Trina Howes, CharterWorld.com
The best way to get a great deal on a charter is to find a broker who is a good negotiator and stick with them. It is not a good idea to shop with multiple brokers, as often they will be dealing with the same yachts and the owners will not take the offer seriously if they get it from numerous sources.
Ask your broker to send you a selection of yachts that meet your specifications. Your broker may have done some pre-checking and may know which yachts are more likely to discount, and will advise you accordingly. Choose a small selection of yachts that you are willing to charter, and have your broker make a genuine offer to the owners, which, if an owner accepts, you would be willing to go to contract. Start with your favorite boat and work down your preferences until you get the deal you are seeking.
If you are looking for a super good deal, then charter outside of peak times when the owners are more likely to be negotiable on the price. Peak weeks such as New Year’s Eve in the Caribbean are selling well and are unlikely to be discounted.
Sandy Carney, Sanderson Yachting LLC
I’m getting a lot of practice on “getting the best deal” these days, with so many yacht owners being willing to negotiate during these tough economic times. In the end, though, the quality of the deal is in the eye of the client. As long as my client is happy, I consider it the best deal.
I propose a yacht to my client knowing that prices today are negotiable. If the client turns a yacht down because of price, I ask him or her to make an offer. The offer can come in the form of extra days or a discounted price or a change from exclusive to inclusive pricing. It all depends on the situation of the charter.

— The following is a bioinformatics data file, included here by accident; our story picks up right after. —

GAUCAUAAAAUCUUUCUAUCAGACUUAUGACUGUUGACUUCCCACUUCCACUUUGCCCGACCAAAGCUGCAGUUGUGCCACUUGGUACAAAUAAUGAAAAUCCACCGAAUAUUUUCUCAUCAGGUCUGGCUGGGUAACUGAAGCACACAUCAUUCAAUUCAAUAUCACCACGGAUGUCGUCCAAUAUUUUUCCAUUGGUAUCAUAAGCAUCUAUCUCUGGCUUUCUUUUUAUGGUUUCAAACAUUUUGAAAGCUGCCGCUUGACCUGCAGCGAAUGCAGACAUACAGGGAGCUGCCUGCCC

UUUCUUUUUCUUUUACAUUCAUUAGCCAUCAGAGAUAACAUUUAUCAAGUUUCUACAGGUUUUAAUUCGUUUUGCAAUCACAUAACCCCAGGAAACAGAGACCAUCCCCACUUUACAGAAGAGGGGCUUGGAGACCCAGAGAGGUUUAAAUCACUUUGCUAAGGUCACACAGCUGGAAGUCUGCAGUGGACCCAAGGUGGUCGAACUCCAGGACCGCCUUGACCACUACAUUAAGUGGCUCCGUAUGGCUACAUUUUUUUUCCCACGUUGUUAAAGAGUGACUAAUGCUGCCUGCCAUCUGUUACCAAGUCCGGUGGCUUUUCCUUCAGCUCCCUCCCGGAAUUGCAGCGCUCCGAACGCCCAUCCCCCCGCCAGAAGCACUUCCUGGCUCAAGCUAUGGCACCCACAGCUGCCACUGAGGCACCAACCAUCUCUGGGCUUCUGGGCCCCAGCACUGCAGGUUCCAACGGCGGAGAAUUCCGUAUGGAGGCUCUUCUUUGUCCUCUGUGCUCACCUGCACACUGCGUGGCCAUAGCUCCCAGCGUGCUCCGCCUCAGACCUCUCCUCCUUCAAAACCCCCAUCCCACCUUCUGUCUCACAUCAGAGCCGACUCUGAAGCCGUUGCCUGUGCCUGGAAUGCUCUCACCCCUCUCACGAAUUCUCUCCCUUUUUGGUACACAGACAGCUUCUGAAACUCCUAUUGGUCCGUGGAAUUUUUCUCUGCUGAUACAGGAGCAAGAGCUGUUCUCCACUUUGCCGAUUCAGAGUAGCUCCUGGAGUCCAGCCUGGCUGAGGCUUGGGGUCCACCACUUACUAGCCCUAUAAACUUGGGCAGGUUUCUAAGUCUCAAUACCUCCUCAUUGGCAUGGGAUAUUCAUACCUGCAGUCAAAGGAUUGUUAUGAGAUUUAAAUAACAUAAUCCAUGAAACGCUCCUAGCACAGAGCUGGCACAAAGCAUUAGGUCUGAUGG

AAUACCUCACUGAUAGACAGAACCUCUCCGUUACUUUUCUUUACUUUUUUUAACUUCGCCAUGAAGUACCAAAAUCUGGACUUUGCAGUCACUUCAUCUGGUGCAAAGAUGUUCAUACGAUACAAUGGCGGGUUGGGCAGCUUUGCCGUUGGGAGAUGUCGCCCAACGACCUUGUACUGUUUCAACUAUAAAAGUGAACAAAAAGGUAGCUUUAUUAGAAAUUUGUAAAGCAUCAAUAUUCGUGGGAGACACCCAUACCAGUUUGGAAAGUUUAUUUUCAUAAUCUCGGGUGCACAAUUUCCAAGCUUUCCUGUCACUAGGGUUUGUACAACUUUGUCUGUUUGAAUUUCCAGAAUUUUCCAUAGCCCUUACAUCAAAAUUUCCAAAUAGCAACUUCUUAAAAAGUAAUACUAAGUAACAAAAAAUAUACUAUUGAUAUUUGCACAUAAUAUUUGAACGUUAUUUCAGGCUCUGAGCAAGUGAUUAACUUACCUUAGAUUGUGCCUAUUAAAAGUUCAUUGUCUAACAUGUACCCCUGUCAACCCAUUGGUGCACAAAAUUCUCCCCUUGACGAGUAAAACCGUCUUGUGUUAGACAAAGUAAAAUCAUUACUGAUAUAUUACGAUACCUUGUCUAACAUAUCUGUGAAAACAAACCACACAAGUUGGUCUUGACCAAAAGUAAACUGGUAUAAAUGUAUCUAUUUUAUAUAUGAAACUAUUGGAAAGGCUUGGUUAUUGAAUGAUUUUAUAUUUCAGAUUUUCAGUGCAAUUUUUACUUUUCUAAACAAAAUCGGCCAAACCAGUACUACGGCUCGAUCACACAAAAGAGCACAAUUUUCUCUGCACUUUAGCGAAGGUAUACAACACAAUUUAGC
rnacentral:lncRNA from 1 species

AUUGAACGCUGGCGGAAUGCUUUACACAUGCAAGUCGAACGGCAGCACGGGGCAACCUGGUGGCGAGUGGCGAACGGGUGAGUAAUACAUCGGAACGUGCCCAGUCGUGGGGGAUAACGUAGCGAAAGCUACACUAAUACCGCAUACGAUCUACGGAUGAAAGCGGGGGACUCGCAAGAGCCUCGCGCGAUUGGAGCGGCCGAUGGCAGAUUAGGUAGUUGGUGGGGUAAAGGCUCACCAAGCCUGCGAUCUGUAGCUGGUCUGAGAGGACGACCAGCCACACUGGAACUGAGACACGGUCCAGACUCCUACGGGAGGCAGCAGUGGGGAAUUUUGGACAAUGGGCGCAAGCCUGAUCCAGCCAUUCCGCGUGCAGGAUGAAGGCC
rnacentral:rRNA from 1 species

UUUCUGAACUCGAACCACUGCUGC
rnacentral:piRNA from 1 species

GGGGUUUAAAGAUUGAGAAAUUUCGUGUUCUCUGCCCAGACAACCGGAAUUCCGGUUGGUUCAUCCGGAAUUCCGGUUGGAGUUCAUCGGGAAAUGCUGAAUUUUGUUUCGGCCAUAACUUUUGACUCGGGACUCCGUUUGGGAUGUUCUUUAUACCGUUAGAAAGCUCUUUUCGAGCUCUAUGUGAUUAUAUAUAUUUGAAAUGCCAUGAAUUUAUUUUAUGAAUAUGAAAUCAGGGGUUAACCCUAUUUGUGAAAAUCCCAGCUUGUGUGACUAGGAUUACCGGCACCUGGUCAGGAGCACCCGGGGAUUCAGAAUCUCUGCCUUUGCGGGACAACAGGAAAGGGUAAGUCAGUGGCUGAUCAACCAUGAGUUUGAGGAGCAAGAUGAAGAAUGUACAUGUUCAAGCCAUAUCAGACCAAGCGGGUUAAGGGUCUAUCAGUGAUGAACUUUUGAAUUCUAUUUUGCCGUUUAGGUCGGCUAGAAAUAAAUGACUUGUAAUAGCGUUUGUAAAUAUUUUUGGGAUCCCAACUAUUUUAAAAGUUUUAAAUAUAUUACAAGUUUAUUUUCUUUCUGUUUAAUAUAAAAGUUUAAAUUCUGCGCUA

I usually counsel the client on which way to go with his or her offer (money days, terms, etc.) based on my knowledge of the yachts and their owners. More often than not, the offer is accepted and we have a happy charter client.
Rebecca Riley, Paradise Yacht Charters
The best charter rates have been found when booking either very early or at the last minute.
For early bookings, the first step is to have my clients identify two or three yachts that they like that are available when and where they want. We then check to see who has the least number of bookings and ask their managers what special incentives they may offer for a confirmed booking. The fewer number of bookings, the more easily it seems to be to get an incentive.
For last-minute bookings, the selection of yachts will be more limited, but the boats that are available for a charter in the next week or two know that they will probably not have other inquiries and may also be willing to offer special incentives to secure the charter.
The most common incentives include low-season rates during high season; nine days for the price of seven; or perhaps free delivery where delivery fees are applicable. With a little flexibility in terms of dates and yacht selection, the odds of being offered an incentive to book are increased. I explore all options when trying to negotiate the best rate for my clients.